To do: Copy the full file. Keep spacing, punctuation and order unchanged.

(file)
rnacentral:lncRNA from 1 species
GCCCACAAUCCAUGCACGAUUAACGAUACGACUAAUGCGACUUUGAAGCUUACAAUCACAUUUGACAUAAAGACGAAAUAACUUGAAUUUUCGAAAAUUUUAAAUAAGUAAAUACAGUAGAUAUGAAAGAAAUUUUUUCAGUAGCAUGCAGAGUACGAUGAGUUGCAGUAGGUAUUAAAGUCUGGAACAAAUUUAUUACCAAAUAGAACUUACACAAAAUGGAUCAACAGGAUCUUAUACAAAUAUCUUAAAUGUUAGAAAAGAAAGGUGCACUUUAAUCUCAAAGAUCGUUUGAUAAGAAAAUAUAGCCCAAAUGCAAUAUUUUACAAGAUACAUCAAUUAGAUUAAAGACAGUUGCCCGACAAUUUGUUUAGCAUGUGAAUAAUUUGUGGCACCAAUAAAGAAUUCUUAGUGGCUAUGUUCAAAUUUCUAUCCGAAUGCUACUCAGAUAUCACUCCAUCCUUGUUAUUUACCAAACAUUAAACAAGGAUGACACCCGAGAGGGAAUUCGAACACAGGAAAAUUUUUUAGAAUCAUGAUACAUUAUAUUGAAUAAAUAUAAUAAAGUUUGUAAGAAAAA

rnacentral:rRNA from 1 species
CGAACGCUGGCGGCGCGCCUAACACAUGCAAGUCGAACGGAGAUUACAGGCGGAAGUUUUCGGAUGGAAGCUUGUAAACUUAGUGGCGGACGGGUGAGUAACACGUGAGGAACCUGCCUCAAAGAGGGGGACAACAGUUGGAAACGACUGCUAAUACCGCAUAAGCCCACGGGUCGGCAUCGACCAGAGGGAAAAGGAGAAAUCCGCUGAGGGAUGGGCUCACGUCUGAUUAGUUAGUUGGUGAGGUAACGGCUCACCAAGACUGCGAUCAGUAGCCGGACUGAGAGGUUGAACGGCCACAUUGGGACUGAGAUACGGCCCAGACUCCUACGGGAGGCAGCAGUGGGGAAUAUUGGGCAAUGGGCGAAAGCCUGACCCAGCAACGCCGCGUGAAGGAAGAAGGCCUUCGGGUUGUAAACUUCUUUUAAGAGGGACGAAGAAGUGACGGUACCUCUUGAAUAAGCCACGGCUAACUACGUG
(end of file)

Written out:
rnacentral:lncRNA from 1 species
GCCCACAAUCCAUGCACGAUUAACGAUACGACUAAUGCGACUUUGAAGCUUACAAUCACAUUUGACAUAAAGACGAAAUAACUUGAAUUUUCGAAAAUUUUAAAUAAGUAAAUACAGUAGAUAUGAAAGAAAUUUUUUCAGUAGCAUGCAGAGUACGAUGAGUUGCAGUAGGUAUUAAAGUCUGGAACAAAUUUAUUACCAAAUAGAACUUACACAAAAUGGAUCAACAGGAUCUUAUACAAAUAUCUUAAAUGUUAGAAAAGAAAGGUGCACUUUAAUCUCAAAGAUCGUUUGAUAAGAAAAUAUAGCCCAAAUGCAAUAUUUUACAAGAUACAUCAAUUAGAUUAAAGACAGUUGCCCGACAAUUUGUUUAGCAUGUGAAUAAUUUGUGGCACCAAUAAAGAAUUCUUAGUGGCUAUGUUCAAAUUUCUAUCCGAAUGCUACUCAGAUAUCACUCCAUCCUUGUUAUUUACCAAACAUUAAACAAGGAUGACACCCGAGAGGGAAUUCGAACACAGGAAAAUUUUUUAGAAUCAUGAUACAUUAUAUUGAAUAAAUAUAAUAAAGUUUGUAAGAAAAA

rnacentral:rRNA from 1 species
CGAACGCUGGCGGCGCGCCUAACACAUGCAAGUCGAACGGAGAUUACAGGCGGAAGUUUUCGGAUGGAAGCUUGUAAACUUAGUGGCGGACGGGUGAGUAACACGUGAGGAACCUGCCUCAAAGAGGGGGACAACAGUUGGAAACGACUGCUAAUACCGCAUAAGCCCACGGGUCGGCAUCGACCAGAGGGAAAAGGAGAAAUCCGCUGAGGGAUGGGCUCACGUCUGAUUAGUUAGUUGGUGAGGUAACGGCUCACCAAGACUGCGAUCAGUAGCCGGACUGAGAGGUUGAACGGCCACAUUGGGACUGAGAUACGGCCCAGACUCCUACGGGAGGCAGCAGUGGGGAAUAUUGGGCAAUGGGCGAAAGCCUGACCCAGCAACGCCGCGUGAAGGAAGAAGGCCUUCGGGUUGUAAACUUCUUUUAAGAGGGACGAAGAAGUGACGGUACCUCUUGAAUAAGCCACGGCUAACUACGUG